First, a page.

I think you would greatly benefit from an in-home trainer who is familiar with dog-dog issues and uses positive reinforcement-based methods to see the situation first hand and tell you whether or not it's potentially dangerous. Until that can happen, you need to manage them very carefully, using leashes, crates, baby-gates, etc to control how and when they interact.
 

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If you heard Remmy correcting Kris, my Dobe, you would think he was killing her but he has never left a mark on her. He only does it when she starts to get too rough with the other little dogs or they squeal because she has been too rough. She sees him coming and just lies down now and doesn't move. As he is ten pounds to her forty pounds it is funny to see. They lie out in the sun together and get along fine the rest of the time and I would rather he correct her than me.
 

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does it not make you nervous when the correction seems fierce? im starting to pay attention to molly and for the most part she was good last night but I think I might just be worried about sasha getting hurt.
 

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my Adult dogs to a pup there is a restraint from the adult of tolerance, adult dogs are better at teaching constructive lessons to a nudgey pushy pup.. Adolescent dogs such as Molly's age I don't trust them to have the maturity to be constructive and have the tolerance.. it's more of a sibling rivalry ability They both need your guidance/protection on how to conduct themselves individually and how to get along. They both still need learning structure themselves, learning self restraint. It's double duty, but they wont think of applying skills they don't have yet.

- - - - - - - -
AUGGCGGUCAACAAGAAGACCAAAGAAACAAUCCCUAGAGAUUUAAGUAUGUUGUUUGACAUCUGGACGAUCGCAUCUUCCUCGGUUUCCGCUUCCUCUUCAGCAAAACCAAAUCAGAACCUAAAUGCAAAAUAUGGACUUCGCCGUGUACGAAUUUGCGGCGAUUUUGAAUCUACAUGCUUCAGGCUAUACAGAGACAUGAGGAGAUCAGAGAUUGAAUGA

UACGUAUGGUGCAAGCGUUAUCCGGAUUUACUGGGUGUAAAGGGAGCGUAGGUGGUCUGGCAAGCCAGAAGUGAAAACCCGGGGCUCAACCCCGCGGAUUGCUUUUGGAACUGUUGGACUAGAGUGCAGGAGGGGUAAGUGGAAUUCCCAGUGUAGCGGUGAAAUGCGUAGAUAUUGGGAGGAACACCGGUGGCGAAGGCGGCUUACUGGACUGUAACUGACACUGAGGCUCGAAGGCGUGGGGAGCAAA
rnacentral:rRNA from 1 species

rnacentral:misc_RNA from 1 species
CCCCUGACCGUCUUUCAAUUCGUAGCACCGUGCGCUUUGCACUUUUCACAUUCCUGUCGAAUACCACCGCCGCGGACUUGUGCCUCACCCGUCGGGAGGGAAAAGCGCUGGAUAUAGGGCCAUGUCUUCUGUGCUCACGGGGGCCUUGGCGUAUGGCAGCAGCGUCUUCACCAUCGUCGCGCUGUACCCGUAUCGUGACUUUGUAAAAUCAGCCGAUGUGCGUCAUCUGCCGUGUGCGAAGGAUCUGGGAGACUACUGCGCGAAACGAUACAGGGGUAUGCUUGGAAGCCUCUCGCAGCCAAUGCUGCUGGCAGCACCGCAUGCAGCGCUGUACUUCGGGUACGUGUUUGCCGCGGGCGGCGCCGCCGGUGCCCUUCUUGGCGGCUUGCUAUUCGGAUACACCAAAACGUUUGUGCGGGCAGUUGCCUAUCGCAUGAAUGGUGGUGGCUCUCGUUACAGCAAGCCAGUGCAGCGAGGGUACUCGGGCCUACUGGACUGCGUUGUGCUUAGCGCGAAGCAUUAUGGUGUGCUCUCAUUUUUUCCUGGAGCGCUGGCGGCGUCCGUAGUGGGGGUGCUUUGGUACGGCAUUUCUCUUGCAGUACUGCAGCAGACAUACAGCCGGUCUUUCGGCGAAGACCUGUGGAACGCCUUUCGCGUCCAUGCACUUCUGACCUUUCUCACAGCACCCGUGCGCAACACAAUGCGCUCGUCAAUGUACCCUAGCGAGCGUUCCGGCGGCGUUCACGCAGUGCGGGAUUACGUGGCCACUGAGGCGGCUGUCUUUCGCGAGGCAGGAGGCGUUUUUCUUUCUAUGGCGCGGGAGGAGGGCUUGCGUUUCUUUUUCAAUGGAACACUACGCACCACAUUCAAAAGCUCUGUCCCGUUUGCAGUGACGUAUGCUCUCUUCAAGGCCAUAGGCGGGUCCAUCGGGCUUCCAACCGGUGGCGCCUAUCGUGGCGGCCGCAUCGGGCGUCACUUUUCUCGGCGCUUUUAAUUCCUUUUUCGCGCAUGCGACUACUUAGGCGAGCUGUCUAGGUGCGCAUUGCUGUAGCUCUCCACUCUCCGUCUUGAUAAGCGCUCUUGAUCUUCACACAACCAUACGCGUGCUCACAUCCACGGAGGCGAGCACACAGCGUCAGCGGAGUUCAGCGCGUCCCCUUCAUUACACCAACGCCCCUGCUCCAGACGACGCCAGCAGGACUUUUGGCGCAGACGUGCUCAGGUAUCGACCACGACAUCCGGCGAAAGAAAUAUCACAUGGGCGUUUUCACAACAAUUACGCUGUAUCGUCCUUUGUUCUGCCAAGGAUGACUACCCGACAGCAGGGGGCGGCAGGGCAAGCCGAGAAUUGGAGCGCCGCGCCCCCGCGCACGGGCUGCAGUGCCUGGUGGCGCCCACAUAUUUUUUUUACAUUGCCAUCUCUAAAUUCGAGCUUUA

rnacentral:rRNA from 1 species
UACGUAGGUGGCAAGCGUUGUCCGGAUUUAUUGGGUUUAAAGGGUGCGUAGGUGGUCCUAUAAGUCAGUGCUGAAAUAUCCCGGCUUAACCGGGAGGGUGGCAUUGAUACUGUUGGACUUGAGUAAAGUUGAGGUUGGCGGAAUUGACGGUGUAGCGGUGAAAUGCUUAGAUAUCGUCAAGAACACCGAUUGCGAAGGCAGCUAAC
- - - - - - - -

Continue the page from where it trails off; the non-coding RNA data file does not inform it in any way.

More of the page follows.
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does it not make you nervous when the correction seems fierce? im starting to pay attention to molly and for the most part she was good last night but I think I might just be worried about sasha getting hurt.
Oh, sometimes it does make me nervous, especially if I don't know the dog giving the correction or if it takes me surprise. You don't know Molly that well after only having her a week, which is why I advise you to be careful.

Also, instead of viewing Molly as the offender in these situations, start watching the pup to see what she's doing that's making Molly growl. If she's being rude (jumping in Molly's face), trying to steal toys, playing too rough, you need to realize it's Sasha who's at fault. You can step in on Molly's behalf and tell the puppy to stop/redirect her to something appropriate, so that Molly's not put in the position to over-correct her.